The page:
March 2011

Green Card

by PapaScott on 30 March 2011

GreencardMy wife had incredibly bad luck with her green card.

You may recall that she arrived in the US with a fiancée visa which, once the fiancée bit is consummated, so to speak, entitles one to permanent residence and a green card. The physical card was the problem. The INS managed to misspell her name on the card three times before finally getting it right, several months later.

Easy come, easy go. A couple of weeks after we moved to Germany in 1990, we took a day trip to Berlin to see what all the fuss was about. We got completely lost in the Friedrichstraße S-Bahn station (where the passport control for Westerners used to be, the maze of hallways were still there but absolutely no signs), and once we got out, her purse was stolen. Passport, ID, and green card, all gone.

We reported everything stolen, but we never had the green card replaced, since she was no longer a resident of the US, much less a permanent resident. We figured that was a detail we could take care of when we moved back the the States. As it turned out, that hasn’t happened yet. C’est la vie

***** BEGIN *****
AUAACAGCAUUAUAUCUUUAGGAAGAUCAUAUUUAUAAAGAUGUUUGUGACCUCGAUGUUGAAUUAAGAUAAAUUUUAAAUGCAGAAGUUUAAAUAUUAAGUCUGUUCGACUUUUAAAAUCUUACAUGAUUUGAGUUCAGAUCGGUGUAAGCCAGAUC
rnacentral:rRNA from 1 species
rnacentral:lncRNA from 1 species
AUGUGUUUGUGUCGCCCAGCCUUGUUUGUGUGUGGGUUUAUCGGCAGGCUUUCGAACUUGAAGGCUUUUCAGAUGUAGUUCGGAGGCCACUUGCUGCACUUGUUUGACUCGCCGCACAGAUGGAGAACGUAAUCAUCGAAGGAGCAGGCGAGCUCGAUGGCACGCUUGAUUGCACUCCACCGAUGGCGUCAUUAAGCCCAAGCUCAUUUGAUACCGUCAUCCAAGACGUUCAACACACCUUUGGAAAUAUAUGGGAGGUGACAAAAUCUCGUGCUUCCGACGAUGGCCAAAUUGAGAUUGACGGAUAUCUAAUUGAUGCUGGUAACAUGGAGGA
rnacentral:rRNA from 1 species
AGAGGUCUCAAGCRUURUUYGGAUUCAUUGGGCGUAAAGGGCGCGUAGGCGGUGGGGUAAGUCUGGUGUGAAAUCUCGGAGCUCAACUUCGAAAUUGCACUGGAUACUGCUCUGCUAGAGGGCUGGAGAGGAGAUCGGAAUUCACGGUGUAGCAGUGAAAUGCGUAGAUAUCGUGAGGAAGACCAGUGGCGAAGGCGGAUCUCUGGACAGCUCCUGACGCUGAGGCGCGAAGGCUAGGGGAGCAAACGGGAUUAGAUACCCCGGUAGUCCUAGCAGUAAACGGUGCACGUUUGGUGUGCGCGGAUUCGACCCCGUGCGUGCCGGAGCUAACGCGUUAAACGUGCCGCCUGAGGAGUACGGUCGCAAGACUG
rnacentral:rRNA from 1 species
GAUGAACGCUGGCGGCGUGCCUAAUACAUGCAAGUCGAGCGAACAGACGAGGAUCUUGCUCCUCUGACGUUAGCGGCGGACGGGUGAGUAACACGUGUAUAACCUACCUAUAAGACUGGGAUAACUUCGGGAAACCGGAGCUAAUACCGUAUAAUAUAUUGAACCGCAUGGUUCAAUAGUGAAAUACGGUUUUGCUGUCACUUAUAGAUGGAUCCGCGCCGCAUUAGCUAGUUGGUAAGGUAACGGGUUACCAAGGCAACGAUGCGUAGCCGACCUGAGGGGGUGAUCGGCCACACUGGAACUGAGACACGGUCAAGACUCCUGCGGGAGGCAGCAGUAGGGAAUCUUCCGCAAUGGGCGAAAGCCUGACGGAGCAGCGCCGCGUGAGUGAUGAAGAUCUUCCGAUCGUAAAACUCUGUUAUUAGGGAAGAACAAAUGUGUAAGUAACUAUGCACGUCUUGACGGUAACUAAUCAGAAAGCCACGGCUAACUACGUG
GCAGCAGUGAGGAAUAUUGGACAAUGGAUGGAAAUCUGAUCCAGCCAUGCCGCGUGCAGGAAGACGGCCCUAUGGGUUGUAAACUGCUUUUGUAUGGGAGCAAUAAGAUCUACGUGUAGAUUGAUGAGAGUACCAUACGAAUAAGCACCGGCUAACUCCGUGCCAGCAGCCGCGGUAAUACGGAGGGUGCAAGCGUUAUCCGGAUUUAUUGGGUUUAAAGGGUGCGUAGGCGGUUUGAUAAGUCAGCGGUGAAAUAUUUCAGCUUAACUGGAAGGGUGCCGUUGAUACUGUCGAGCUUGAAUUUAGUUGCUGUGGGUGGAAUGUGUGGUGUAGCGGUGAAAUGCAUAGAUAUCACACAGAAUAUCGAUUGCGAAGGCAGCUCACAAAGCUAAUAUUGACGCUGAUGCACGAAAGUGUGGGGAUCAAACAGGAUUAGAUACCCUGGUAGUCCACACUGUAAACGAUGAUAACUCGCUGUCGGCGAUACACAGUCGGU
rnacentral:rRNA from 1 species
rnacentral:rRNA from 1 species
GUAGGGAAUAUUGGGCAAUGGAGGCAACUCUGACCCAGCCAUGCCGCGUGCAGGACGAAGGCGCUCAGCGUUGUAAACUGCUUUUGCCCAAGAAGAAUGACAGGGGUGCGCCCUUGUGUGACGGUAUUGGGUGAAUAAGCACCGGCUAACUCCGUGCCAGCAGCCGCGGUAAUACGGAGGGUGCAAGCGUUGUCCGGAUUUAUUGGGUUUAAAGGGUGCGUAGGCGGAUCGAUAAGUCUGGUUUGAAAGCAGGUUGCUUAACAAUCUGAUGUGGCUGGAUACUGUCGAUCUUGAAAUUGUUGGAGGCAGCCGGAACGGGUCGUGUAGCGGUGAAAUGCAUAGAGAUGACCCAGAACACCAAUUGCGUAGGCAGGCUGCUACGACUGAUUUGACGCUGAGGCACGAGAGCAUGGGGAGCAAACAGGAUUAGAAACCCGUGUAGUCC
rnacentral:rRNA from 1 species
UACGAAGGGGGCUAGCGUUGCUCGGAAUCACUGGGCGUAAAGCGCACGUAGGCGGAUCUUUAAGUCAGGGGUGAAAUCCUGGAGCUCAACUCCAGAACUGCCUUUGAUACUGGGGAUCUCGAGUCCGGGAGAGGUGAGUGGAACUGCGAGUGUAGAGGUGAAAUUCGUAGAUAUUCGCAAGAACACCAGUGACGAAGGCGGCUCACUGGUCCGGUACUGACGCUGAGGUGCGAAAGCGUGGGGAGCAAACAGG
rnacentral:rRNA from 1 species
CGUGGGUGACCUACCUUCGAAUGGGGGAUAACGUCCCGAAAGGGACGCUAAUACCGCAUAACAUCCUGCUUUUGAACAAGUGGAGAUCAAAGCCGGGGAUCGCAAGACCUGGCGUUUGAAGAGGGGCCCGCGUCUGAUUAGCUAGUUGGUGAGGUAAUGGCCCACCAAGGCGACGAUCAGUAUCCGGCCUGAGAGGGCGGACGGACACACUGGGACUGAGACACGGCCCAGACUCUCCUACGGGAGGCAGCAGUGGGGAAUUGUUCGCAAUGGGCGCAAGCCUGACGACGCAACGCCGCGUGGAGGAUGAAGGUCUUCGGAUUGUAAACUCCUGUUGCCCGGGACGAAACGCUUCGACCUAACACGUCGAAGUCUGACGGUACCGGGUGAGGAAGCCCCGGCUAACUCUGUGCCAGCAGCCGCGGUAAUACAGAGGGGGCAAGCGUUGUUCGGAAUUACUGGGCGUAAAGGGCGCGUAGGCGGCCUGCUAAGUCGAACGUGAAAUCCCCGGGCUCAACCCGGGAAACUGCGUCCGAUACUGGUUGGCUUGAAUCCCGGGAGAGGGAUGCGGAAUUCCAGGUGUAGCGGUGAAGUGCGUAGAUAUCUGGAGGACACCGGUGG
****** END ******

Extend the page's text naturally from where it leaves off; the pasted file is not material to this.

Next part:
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And the winner is… Latin

by PapaScott on 28 March 2011

For those following along with the “which language will Christopher learn in the 6th grade” contest, we have a winner. A full week before the deadline, he declared his decision for Latin, and we turned in the form to the school today.

Our preference was for French, and we even tried using to some reverse psychology (pointing out the advantages of Latin and hoping he’d argue with us), but that backfired. The main thing is that he made a decision and is happy with it.

Thanks to everyone who gave suggestions and played along.

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Lingua franca

March 23, 2011

In the Gymnasium schools in our state, students start learning a second foreign language (after English) in grade 6. The schools we looked at all offered a choice from Latin, French and Spanish. The public schools all required a choice upon enrollment in the 5th grade, over a year before the courses would actually begin. […]

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